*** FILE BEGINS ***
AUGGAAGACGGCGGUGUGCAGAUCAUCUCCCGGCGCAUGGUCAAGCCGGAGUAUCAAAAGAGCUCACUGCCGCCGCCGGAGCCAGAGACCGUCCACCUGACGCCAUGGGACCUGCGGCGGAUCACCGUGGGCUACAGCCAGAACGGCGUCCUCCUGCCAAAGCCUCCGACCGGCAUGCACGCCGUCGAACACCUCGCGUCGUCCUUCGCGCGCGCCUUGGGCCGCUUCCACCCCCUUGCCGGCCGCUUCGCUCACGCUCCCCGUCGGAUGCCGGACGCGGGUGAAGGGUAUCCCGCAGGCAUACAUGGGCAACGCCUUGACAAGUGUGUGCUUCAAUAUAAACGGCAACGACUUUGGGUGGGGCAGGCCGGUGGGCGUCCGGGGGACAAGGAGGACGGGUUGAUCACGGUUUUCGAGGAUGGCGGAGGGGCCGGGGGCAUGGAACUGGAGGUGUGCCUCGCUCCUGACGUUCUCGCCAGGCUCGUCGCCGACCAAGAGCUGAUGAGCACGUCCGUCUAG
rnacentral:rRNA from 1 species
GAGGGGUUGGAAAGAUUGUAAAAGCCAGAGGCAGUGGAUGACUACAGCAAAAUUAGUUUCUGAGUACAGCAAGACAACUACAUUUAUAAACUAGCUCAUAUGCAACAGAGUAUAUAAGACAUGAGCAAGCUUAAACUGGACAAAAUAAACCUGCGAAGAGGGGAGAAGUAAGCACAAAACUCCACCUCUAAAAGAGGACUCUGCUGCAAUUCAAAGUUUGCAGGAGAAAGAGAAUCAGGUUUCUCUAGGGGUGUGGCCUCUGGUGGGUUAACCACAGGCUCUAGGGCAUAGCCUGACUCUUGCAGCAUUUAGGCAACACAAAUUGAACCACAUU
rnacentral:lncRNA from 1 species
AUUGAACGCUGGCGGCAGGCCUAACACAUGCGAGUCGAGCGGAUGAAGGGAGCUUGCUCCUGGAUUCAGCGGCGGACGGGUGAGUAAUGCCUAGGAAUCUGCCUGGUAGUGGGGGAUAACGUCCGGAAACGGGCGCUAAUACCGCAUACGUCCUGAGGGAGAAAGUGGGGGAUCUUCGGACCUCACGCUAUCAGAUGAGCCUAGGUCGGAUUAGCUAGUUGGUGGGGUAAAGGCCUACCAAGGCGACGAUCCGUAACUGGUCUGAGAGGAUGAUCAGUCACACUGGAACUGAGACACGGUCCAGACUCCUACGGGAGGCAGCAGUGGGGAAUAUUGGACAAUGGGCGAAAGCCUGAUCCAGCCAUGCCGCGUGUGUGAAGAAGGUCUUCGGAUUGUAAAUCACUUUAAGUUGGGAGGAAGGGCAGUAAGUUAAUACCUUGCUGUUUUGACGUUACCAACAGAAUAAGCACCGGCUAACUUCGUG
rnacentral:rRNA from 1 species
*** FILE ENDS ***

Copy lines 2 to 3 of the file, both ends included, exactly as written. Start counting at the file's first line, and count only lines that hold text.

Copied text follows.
rnacentral:rRNA from 1 species
GAGGGGUUGGAAAGAUUGUAAAAGCCAGAGGCAGUGGAUGACUACAGCAAAAUUAGUUUCUGAGUACAGCAAGACAACUACAUUUAUAAACUAGCUCAUAUGCAACAGAGUAUAUAAGACAUGAGCAAGCUUAAACUGGACAAAAUAAACCUGCGAAGAGGGGAGAAGUAAGCACAAAACUCCACCUCUAAAAGAGGACUCUGCUGCAAUUCAAAGUUUGCAGGAGAAAGAGAAUCAGGUUUCUCUAGGGGUGUGGCCUCUGGUGGGUUAACCACAGGCUCUAGGGCAUAGCCUGACUCUUGCAGCAUUUAGGCAACACAAAUUGAACCACAUU